Except for that part where I almost died today.
There are thousand year old cobblestone pathways on the Camino. They are jagged and irregular. Some are loose. I was walking down a steep cobblestone pathway that had a cliff on one side lined by rasberry bramble bushes full of thorns. One mis-step without a walking stick to balance lost my balance and with the weight of my backpack threw me headfirst into the bramble bushes where my weight with backpack sent me plummeting deep down the hill head first into bramble thorns. There I was suspended over a cliff with nothing but latticed bramble bushes to stop me from careening head first down a cliff. Absolutely the most terrifying moment of my life to date.
Three people whose acquaintance I casually met earlier helped get me out - and it took about a half hour to figure how and get me out. One woman (a school teacher from the bronx) and a retired cop now living in Alaska and his son who just graduated from high school managed to, with a hiking pole get me turned around and up the hill. He kept saying we should call 211, but it would take a day for them to get there on a horse down the cobblestones. I was covered in bleeding scratches from head to legs. Then the retired school teacher helped me wash all the blood off my arms, legs and face applying neosporin antibacterial ointment from her handy first aid kit. When she got to my face dripping blood from my hairline (the brambles pulled my hair to shreds) she looked in my eyes and said softly "now you know a tiny bit how Jesus felt." Wow. How many people do I get out of purgatory for offering that up? How does that work?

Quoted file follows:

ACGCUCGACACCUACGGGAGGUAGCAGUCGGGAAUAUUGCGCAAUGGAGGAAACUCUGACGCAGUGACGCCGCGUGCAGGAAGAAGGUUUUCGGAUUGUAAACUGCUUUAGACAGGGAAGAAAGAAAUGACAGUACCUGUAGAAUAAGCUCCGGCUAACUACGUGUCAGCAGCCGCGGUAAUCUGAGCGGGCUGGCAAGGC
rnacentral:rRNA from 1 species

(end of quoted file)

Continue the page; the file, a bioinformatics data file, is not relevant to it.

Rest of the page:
Shaken I still had to walk to the next town for another hour and a half to get to the Auberge where I showered sweat and residual blood off.
"Everything happens for a reason" the friend of one of the rescuers said to me. If only I knew what.
I walked a total of 20 kilometers today- about 12 miles. (Five kilometers is three miles).
I walked from 7:30 am till 12:30 when I had lunch for about a forty five minutes with another pilgrim from Sweden, then for another 3 hours where I had the tumble-and another hour and a half on an ankle which must have been sprained somewhere on the cobblestones because it is now the size of a golf ball.
I am still processing what this all means- to pass along dos and don'ts- always have a balance walking stick or pole, don't get dehydrated into weakness, take cobblestones gingerly, and stay away from the cliff sides. Aside from that- its good to make friends along the path of life- you would be dead without them. No one can save themselves alone.